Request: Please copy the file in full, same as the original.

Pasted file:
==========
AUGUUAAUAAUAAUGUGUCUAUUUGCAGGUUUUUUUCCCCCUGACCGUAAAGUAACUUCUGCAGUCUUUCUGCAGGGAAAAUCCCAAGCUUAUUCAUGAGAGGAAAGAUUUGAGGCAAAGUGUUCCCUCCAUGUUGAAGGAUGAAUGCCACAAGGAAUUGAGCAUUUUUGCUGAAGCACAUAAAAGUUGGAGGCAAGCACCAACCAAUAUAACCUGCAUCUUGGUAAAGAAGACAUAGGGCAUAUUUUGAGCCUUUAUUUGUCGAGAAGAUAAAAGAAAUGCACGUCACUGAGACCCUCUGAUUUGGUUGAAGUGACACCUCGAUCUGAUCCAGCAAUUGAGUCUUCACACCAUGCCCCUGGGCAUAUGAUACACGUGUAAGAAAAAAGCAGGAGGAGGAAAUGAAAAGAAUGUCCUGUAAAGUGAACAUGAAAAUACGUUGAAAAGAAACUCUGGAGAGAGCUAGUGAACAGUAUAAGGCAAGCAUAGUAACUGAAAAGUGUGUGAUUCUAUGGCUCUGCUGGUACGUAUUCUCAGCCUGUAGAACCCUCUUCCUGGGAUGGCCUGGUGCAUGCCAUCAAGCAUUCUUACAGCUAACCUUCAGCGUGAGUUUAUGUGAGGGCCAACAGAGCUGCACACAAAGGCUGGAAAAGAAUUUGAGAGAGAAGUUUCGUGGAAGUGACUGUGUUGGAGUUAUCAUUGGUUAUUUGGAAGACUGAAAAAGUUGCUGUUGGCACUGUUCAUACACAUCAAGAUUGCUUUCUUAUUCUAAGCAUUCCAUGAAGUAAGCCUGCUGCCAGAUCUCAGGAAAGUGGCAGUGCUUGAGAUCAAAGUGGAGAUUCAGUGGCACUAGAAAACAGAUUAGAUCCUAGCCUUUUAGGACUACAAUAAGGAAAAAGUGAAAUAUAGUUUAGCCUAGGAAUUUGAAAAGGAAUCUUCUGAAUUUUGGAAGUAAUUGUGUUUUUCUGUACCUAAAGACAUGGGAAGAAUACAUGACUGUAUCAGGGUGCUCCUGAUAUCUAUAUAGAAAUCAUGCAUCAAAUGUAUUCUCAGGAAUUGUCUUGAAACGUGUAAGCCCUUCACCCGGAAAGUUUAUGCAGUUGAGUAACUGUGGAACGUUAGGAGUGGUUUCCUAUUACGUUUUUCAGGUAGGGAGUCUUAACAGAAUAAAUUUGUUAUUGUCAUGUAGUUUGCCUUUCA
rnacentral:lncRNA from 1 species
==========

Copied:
AUGUUAAUAAUAAUGUGUCUAUUUGCAGGUUUUUUUCCCCCUGACCGUAAAGUAACUUCUGCAGUCUUUCUGCAGGGAAAAUCCCAAGCUUAUUCAUGAGAGGAAAGAUUUGAGGCAAAGUGUUCCCUCCAUGUUGAAGGAUGAAUGCCACAAGGAAUUGAGCAUUUUUGCUGAAGCACAUAAAAGUUGGAGGCAAGCACCAACCAAUAUAACCUGCAUCUUGGUAAAGAAGACAUAGGGCAUAUUUUGAGCCUUUAUUUGUCGAGAAGAUAAAAGAAAUGCACGUCACUGAGACCCUCUGAUUUGGUUGAAGUGACACCUCGAUCUGAUCCAGCAAUUGAGUCUUCACACCAUGCCCCUGGGCAUAUGAUACACGUGUAAGAAAAAAGCAGGAGGAGGAAAUGAAAAGAAUGUCCUGUAAAGUGAACAUGAAAAUACGUUGAAAAGAAACUCUGGAGAGAGCUAGUGAACAGUAUAAGGCAAGCAUAGUAACUGAAAAGUGUGUGAUUCUAUGGCUCUGCUGGUACGUAUUCUCAGCCUGUAGAACCCUCUUCCUGGGAUGGCCUGGUGCAUGCCAUCAAGCAUUCUUACAGCUAACCUUCAGCGUGAGUUUAUGUGAGGGCCAACAGAGCUGCACACAAAGGCUGGAAAAGAAUUUGAGAGAGAAGUUUCGUGGAAGUGACUGUGUUGGAGUUAUCAUUGGUUAUUUGGAAGACUGAAAAAGUUGCUGUUGGCACUGUUCAUACACAUCAAGAUUGCUUUCUUAUUCUAAGCAUUCCAUGAAGUAAGCCUGCUGCCAGAUCUCAGGAAAGUGGCAGUGCUUGAGAUCAAAGUGGAGAUUCAGUGGCACUAGAAAACAGAUUAGAUCCUAGCCUUUUAGGACUACAAUAAGGAAAAAGUGAAAUAUAGUUUAGCCUAGGAAUUUGAAAAGGAAUCUUCUGAAUUUUGGAAGUAAUUGUGUUUUUCUGUACCUAAAGACAUGGGAAGAAUACAUGACUGUAUCAGGGUGCUCCUGAUAUCUAUAUAGAAAUCAUGCAUCAAAUGUAUUCUCAGGAAUUGUCUUGAAACGUGUAAGCCCUUCACCCGGAAAGUUUAUGCAGUUGAGUAACUGUGGAACGUUAGGAGUGGUUUCCUAUUACGUUUUUCAGGUAGGGAGUCUUAACAGAAUAAAUUUGUUAUUGUCAUGUAGUUUGCCUUUCA
rnacentral:lncRNA from 1 species